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The days following our arrival in Japan we spent pretty much no time at home; going from shop to shop and picking up all sorts of necessary and unnecessary goods. The first port of call was, again, the supermarket. The supermarket was a similar size to the stores in Palmerston North and set out in a similar manner; but the food was, naturally, quite different. Bread was split into two sections; one for normal, packed bread items and an actually bakery style fresh baked bread section and was way smaller than our sections but essentially the same. Bread however comes in 10 slice packs, for sandwich slice, instead of loaves and was significantly more expensive than in New Zealand at around $1.50 per pack. Rice on the other hand, as one might expect, has an entire isle and has pictures explaining where in Japan the rice was grown. One section that was massively bigger than in New Zealand was instant noodles/ramen; which consisted of two isles with a massive selection of flavors, including Chilli which is what I stocked up on. The meat and veg sections were very similar to our supermarkets as well, but prices vary wildly depending on what you buy. Mince was a little more pricy than New Zealand, steak and chops were far more expensive but chicken and fish are much, much cheaper; with a 350g chicken breast costing as little as $2. Another interesting section is pre-cooked/prepared food; with a large selection of bento boxes, karaage (fried chicken balls) and onigiri. The most significant difference between New Zealand supermarkets and Japanese ones was more flavors then it is actual stuff; lots more seafood, green tea and wasabi flavor stuff as well as strange combinations such as chocolate potato chips. In the end I nabbed a few carrots, spring onions, bean sprouts, chicken breasts and ramen. Our senpais, the students who had been in I-House from last semester, were extremely helpful in helping us find stuff and explain what they each liked from the supermarket.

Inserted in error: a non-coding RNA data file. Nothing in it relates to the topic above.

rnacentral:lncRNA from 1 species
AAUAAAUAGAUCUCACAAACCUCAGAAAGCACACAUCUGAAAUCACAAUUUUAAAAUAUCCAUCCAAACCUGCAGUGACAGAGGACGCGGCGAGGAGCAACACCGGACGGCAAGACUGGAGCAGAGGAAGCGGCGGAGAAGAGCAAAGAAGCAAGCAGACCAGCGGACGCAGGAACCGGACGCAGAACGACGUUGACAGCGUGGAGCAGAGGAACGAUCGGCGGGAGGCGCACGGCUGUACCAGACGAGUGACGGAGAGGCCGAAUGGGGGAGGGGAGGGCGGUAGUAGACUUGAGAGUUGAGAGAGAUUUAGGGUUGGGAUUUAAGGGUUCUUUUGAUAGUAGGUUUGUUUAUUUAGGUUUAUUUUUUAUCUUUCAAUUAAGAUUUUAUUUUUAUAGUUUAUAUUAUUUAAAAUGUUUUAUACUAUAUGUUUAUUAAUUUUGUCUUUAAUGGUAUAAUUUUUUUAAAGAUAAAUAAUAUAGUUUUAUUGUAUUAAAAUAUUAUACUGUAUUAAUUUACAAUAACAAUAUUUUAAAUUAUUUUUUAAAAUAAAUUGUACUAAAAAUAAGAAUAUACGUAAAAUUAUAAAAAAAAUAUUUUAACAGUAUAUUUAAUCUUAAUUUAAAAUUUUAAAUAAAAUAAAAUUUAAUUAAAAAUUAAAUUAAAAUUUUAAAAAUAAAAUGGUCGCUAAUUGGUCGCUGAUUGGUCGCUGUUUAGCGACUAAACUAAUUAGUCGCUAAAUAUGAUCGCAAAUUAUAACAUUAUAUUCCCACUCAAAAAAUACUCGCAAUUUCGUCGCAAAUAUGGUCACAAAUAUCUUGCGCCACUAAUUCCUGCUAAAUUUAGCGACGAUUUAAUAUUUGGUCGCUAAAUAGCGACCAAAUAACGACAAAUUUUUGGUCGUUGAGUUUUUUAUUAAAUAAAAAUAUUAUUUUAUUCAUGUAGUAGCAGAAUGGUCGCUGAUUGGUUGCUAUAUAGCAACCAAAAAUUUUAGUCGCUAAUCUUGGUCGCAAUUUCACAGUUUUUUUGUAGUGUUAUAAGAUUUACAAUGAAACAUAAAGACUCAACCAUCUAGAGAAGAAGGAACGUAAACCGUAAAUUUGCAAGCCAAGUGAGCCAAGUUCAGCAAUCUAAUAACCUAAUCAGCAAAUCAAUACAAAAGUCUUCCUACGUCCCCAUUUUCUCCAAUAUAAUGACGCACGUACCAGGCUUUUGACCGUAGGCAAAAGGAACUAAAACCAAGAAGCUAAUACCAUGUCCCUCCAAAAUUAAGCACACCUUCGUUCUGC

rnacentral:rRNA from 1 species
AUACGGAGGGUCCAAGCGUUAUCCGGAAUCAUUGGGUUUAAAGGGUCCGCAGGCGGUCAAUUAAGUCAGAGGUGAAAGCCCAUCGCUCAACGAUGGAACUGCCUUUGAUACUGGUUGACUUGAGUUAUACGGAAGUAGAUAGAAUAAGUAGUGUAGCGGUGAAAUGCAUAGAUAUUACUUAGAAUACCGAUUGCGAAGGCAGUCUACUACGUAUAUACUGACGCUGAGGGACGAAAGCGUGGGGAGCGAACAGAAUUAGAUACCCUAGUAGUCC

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Our second stop was Edion; an electronics store. Most of us nabbed power converters and general electrical conversion stuff from here; though I had prepared it all before I came, so I opted to check out other parts of the store. Towards the back of the store was a door leading into a video game, anime and statue shop; which I spent a good hour checking out and ended up buying an entire box of Monster Hunter figurines to decorate my barren looking room as well as picking up a Japanese 3DS charger. A few things that immediately stuck out was the there are tonnes of games I had never seen before; in particular there was a number of RPG looking games and rhythm games. Handheld consoles were also super, super cheap; costing around 13,000 Yen, which is roughly $170 New Zealand for both the Vita and 3DS systems. Also, there were almost no Xbox games in the entire store, with the PlayStation and Nintendo sections dominating almost the entire game section. I will probably do a more detailed breakdown of a Japanese video game store later in my blog.

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Our third port of call was Daiso; the Japanese equivalent of a $2 shop on steroids. The vast majority of the store had no prices and was all priced at 100 yen. This included a surprising number of things; such as batteries, towels, candy, drinks etc. Many of us ended up picking up most of the things we needed for our rooms, such as towels, clothes baskets, cleaning sprays etc, really cheap. There are actually two Daisos within 30 min walk from I-House and tonnes more pretty much everywhere you go.